Shueisha Editor Explains Popularity Of Manga “Is Important For Achieving Animation,” Stands Directly In Contrast To Statements Made By Marvel Boss Kevin Feige

Source: One Piece Volume 82 (2017), Shueisha. Cover art by Eiichiro Oda.

According to Shonen Jump+ and MANGA Plus manager Yūta Momiyama, Shueisha’s decision to break from industry standards and handle the app-based digital distribution of their titles in-house was done in service of ensuring that the publisher continues to produce quality manga series.

Source: Chainsaw Man Ch. 85 “Bloody Good Gut Feeling” (2020), Shueisha. Art by Fujimoto Tatsuki.

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Momiyama elaborated on Shueisha’s in-house distribution practices in a blog post published to Japanese blog site on January 9th (via machine translation provided by DeepL), wherein he sought to provide a comprehensive answer to those in the industry who have asked “Why is the editorial department directly involved in overseas development?”

“I believe that ‘MANGA Plus’ is a service that should be managed by the editorial department,” he asserted. “I feel that it has the potential to play a major role for manga artists and readers around the world, including Japan [as] I believe that overseas expansion will become ‘critically important’ for the manga business in the not-too-distant future.”

Source: My Hero Academia Ch. 267 “Flames” (2020), Shueisha. Art by Kohei Horikoshi.

Explaining how “one of the main reasons for the growth of manga sales overseas is the spread of anime viewing,” Momiyama then noted that “overseas popularity has become important in order to fulfill animation production and to continue broadcasting and distributing animation.”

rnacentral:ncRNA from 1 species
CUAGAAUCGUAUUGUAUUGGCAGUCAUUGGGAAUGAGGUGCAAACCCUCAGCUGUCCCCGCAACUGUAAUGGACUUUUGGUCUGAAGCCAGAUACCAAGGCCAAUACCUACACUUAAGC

“In order to continue producing anime, money is, of course, needed,” he said. “If the market for this business is larger overseas, it is only natural that works that are likely to sell well overseas will be approached to be made into anime.”

Source: Kaiju No. 8 Ch. 20 “Chapter Twenty” (2021), Shueisha. Art by Naoya Matsumoto.

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He then recalled, “In the past, I was often asked how the surveys were going and how many copies of the comics were sold,” before noting how “now, I think they are asking MANGA Plus to see if the manga will be popular overseas when it is animated.”

“In order to expand the popularity of each manga in Japan, animation plays a major role,” stated Momiyama. “In order to achieve this, overseas popularity is already becoming important. The role and value of manga magazines is to bring new manga to the world.”

Source: Agravity Boys Vol. 7 (2021), Shueisha. Cover art by Atsushi Nakamura.

To this end, Momiyama pointed out that one advantage of Shueisha’s MANGA Plus service was its ability “to collect data on new works that have not yet been licensed overseas, since they are being serialized and published worldwide in multiple languages at the same time as in Japan.”

Describing how “the most important role of the manga editorial department and manga editors is to ‘bring new and interesting manga to the world,’” Momiyama answered his opening thesis, writing, “In order to create interesting and popular manga, not only do the individual manga artists and editors play a role, but the functions of manga magazines such as ‘Jump+’ and ‘Weekly Shonen Jump’ also play a major role.”

“To sum it up in a nutshell, manga magazines have the function and role of ’creating works, nurturing them with readers, and expanding them,’” he informed his readers. “We believe that by expanding the scope of manga magazines from paper to digital and overseas, Jump will be able to deliver even more new and interesting manga to the world. That is the aim of ‘MANGA Plus.’”

Source: Jujutsu Kaisen Ch. 131 “The Shibuya Incident, Part 48” (2020), Shueisha. Art by Gege Akutami.